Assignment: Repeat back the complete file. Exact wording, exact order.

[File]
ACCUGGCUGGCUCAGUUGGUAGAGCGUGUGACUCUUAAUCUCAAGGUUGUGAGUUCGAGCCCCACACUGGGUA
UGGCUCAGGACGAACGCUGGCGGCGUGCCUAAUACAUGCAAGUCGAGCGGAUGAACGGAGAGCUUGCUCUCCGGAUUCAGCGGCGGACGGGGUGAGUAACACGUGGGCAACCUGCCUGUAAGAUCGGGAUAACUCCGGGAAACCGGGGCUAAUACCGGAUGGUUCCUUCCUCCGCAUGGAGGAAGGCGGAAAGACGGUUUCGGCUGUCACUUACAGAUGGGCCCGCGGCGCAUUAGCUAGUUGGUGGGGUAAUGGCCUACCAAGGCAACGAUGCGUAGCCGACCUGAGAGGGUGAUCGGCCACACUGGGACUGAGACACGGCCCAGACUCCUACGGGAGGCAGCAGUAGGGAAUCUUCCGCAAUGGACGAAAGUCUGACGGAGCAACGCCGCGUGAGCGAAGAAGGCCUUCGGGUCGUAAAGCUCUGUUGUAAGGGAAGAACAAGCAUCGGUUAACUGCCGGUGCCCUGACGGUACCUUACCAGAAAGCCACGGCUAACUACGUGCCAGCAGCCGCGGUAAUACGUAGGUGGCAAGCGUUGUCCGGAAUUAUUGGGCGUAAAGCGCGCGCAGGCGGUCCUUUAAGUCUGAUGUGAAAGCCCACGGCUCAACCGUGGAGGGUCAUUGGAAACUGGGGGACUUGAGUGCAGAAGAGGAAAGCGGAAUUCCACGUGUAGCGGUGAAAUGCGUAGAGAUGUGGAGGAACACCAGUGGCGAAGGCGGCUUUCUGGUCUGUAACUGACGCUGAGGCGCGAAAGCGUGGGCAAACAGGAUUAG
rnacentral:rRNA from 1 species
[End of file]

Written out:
ACCUGGCUGGCUCAGUUGGUAGAGCGUGUGACUCUUAAUCUCAAGGUUGUGAGUUCGAGCCCCACACUGGGUA
UGGCUCAGGACGAACGCUGGCGGCGUGCCUAAUACAUGCAAGUCGAGCGGAUGAACGGAGAGCUUGCUCUCCGGAUUCAGCGGCGGACGGGGUGAGUAACACGUGGGCAACCUGCCUGUAAGAUCGGGAUAACUCCGGGAAACCGGGGCUAAUACCGGAUGGUUCCUUCCUCCGCAUGGAGGAAGGCGGAAAGACGGUUUCGGCUGUCACUUACAGAUGGGCCCGCGGCGCAUUAGCUAGUUGGUGGGGUAAUGGCCUACCAAGGCAACGAUGCGUAGCCGACCUGAGAGGGUGAUCGGCCACACUGGGACUGAGACACGGCCCAGACUCCUACGGGAGGCAGCAGUAGGGAAUCUUCCGCAAUGGACGAAAGUCUGACGGAGCAACGCCGCGUGAGCGAAGAAGGCCUUCGGGUCGUAAAGCUCUGUUGUAAGGGAAGAACAAGCAUCGGUUAACUGCCGGUGCCCUGACGGUACCUUACCAGAAAGCCACGGCUAACUACGUGCCAGCAGCCGCGGUAAUACGUAGGUGGCAAGCGUUGUCCGGAAUUAUUGGGCGUAAAGCGCGCGCAGGCGGUCCUUUAAGUCUGAUGUGAAAGCCCACGGCUCAACCGUGGAGGGUCAUUGGAAACUGGGGGACUUGAGUGCAGAAGAGGAAAGCGGAAUUCCACGUGUAGCGGUGAAAUGCGUAGAGAUGUGGAGGAACACCAGUGGCGAAGGCGGCUUUCUGGUCUGUAACUGACGCUGAGGCGCGAAAGCGUGGGCAAACAGGAUUAG
rnacentral:rRNA from 1 species